© 2017 American Academy of Hospice and Palliative Medicine Context Neuropathic pain can be present in patients developing chemotherapy-induced peripheral neuropathy (CIPN). Nerve growth factor (NGF) is trophic to small sensory fibers and regulates nociception. Objectives We investigated the changes in serum NGF and intraepidermal nerve fiber density in skin biopsies of cancer patients receiving neurotoxic chemotherapy in a single-center prospective observational study. Methods Patients were evaluated before and after chemotherapy administration. CIPN was graded with Total Neuropathy Score©, nerve conduction studies, and National Common Institute-Common Toxicity Criteria for Adverse Events scale. Neuropathic pain was defined according to the European Organization for Research and Treatment of Cancer Quality of Life Questionnaire-CIPN20 questionnaire. Results Neuropathic pain was present in 13 of 60 patients (21%), who reported shooting or burning pain in the hands (n = 9) and the feet (n = 12). Patients displaying painful CIPN presented higher NGF after treatment compared with patients with painless or absent CIPN (8.7 ± 11.9 vs. 2.5 ± 1.4 pg/mL, P = 0.016). The change of NGF significantly correlated with neuropathic pain. Patients with painful CIPN did not show significant loss of IEFND compared with patients with painless or absent CIPN (6.16 ± 3.86 vs. 8.37 ± 4.82, P = 0.12). No correlation between IEFND and NGF was observed. Conclusion Serum NGF increases in cancer patients receiving taxane or platinum with painful CIPN, suggesting that it might be a potential biomarker of the presence and severity of neuropathic pain in this population. Long-term comprehensive studies to better define the course of NGF in relation with neurological outcomes would be helpful in the further design of therapies for CIPN-related neuropathic pain.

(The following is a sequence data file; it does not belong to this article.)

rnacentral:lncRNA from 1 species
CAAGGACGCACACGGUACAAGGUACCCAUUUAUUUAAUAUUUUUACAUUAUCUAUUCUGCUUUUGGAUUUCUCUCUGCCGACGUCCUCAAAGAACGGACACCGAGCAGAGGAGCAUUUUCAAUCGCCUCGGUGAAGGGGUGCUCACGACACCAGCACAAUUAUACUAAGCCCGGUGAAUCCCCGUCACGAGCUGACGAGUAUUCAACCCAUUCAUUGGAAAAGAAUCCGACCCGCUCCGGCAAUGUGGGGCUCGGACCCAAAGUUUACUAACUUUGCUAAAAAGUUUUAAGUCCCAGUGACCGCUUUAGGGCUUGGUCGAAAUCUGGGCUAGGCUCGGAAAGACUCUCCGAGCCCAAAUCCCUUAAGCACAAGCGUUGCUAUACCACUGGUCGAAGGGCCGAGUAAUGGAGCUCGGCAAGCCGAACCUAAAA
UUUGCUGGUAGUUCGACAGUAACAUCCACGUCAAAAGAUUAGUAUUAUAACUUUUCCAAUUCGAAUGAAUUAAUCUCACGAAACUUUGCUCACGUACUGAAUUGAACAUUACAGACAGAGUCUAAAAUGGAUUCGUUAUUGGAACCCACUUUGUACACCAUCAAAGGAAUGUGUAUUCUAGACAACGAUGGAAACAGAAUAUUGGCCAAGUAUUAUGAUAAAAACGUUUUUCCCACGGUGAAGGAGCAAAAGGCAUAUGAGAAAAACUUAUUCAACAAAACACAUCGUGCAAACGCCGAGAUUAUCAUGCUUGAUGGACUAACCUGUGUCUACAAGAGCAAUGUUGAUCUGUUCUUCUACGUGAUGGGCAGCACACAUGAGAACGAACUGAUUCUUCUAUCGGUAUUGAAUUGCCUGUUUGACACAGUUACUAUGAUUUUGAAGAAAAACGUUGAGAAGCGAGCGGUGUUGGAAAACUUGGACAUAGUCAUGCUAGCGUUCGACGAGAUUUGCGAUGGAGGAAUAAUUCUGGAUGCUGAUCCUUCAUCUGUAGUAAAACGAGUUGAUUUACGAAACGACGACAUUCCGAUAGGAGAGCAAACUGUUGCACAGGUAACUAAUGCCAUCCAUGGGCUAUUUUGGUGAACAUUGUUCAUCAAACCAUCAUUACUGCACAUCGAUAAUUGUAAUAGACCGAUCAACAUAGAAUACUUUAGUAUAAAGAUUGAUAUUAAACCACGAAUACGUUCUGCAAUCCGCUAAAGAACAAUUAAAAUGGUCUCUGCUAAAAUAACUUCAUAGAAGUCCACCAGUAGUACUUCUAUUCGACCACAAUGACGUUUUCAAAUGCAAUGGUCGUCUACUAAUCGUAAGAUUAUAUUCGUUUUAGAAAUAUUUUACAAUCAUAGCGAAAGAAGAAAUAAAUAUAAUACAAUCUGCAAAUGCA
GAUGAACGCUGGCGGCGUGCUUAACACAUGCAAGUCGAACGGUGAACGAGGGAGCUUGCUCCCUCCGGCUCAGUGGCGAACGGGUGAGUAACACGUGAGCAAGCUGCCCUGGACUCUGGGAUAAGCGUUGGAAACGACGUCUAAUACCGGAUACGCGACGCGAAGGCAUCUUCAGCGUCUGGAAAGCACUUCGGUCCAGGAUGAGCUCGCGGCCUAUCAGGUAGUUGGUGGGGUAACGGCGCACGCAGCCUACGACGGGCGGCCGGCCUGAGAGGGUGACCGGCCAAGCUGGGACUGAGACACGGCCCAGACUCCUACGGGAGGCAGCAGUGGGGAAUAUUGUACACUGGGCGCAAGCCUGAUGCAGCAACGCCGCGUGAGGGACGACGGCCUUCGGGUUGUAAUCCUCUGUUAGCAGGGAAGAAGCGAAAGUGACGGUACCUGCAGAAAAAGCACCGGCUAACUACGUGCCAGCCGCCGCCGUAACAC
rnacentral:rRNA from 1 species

- Chemotherapy-induced peripheral neuropathy
- chemotherapy-induced neuropathy
- nerve growth factor
- neuropathic pain
- skin biopsy